The system makes it possible for companies to apply process-specific attributes for vertical industries. For example, a Specification Central is adapted for consumer goods. Managers can access dashboards that let them see what’s happening in their areas. "Over the past three years," says Zawaideh, "we’ve shifted our focus from providing a customizable toolkit to being an application provider with a system that works like Lego blocks."

ViaSat Inc.

ViaSat, an 19-year-old company headquartered in Carlsbad, CA, started out by building very complex satellite communications systems for the military. It later expanded into commercial applications and products, acquired three other companies in that arena, and today its products, from compact data controllers for office networking to military aircraft tracking systems, are evenly divided between the two markets.

 

Agile’s hosted PLM system aims to track the entire enterprise product record, depending on a customer’s wishes.

Although the company does some product assembly in Carlsbad and Atlanta, it relies primarily on more than 50 contract manufacturers scattered around the US for actual manufacturing. When ViaSat wanted to grow the company and extend its ability to work collaboratively with its network of contract manufacturers, it went looking for a tool that would make it easier for the various divisions and their manufacturing contractors to work together as well.

ViaSat chose an Agile-hosted PLM solution with local file servers in each of its four primary locations. Brandon Johnson, director of engineering services, says, "The central hub includes a component database that makes it possible for our electrical engineers to select components and drop them directly into their schematics. It also includes all change management and document management functions."

The company was up to speed in three and half months, with a few training sessions, he says, suffering pain only from adjusting to a new system. "We now have 750 users, including more than 50 contractors. We use Agile Product Collaboration for better visibility and control of the product record across the lifecycle. We are installing Agile’s closed loop corrective action system to help drive product quality and its product governance and compliance system to automate Recycling of Hazardous Substances (RoHS)," Johnson says.

 

Agile’s BOM and Documents tracker allows users to review data of individual parts as well as the entire history of the project’s workflow.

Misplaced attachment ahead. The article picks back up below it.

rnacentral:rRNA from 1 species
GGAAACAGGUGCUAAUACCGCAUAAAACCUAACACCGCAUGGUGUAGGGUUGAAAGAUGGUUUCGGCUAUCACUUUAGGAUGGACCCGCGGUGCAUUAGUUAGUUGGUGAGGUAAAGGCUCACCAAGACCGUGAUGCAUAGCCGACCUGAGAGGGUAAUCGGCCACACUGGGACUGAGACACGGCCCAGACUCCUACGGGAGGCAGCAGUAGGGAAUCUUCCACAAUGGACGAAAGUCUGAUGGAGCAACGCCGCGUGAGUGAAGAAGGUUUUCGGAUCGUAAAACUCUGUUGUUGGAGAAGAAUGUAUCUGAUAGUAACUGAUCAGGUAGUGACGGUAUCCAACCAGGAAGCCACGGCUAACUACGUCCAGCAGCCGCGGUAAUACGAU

He also reports that within six months, ViaSat experienced a 44% gain in efficiency from the initial design to completion of a product prototype, a 20% improvement in engineering change orders, and a 30% improvement in overall organizational efficiency.

Agile believes scalability to be one of its greatest strengths, says Ray Hein, vice president of product strategy. "ViaSat’s application is typical of medium size business PLM needs. Agile can provide systems, whether hosted or enterprise-based, from just a few to 10,000 seats."

A basic differentiation point for Agile is its intent to be a provider of an enterprise business process, and in fact, the company calls the overall system the Enterprise Product Record. It can include tools for concept, design, sourcing, manufacturing, selling, service, and disposal, with executive dashboards for the various capabilities, starting with portfolio management.

PLM analytics play a part in the Agile offerings, says Hein. "These include project and program on-track and off-track analysis; particularly as pertains to tracking goals and dates, so that users can see where the project is."

As Johnson of ViaSat mentioned, another analytical tool is quality analytics linked to customer support and service. "We call this Product Service Improvement, or PSI, and it brings problems detected by users into PLM so that the company can access and determine where the problem occurred—in manufacturing or in outsourced parts, for example—see trends regarding quality issues, and fix them within today’s compressed design cycles."

From these applications and application-provider input, it appears that as interest in PLM grows, suppliers of the technologies involved are making the systems easier, faster, and more beneficial to deploy.

Contributing Editor Louise Elliott is a freelance writer based in California. Offer Louise your feedback on this article through e-mail by clicking here.


Product Information

Agilent Technologies
Colorado Springs, CO

Agile
San Jose, CA

MatrixOne Inc.
Westford, MA

ViaSat
Carlsbad, CA

About DE Editors

DE's editors contribute news and new product announcements to Desktop Engineering. Press releases can be sent to them via DE-Editors@deskeng.com.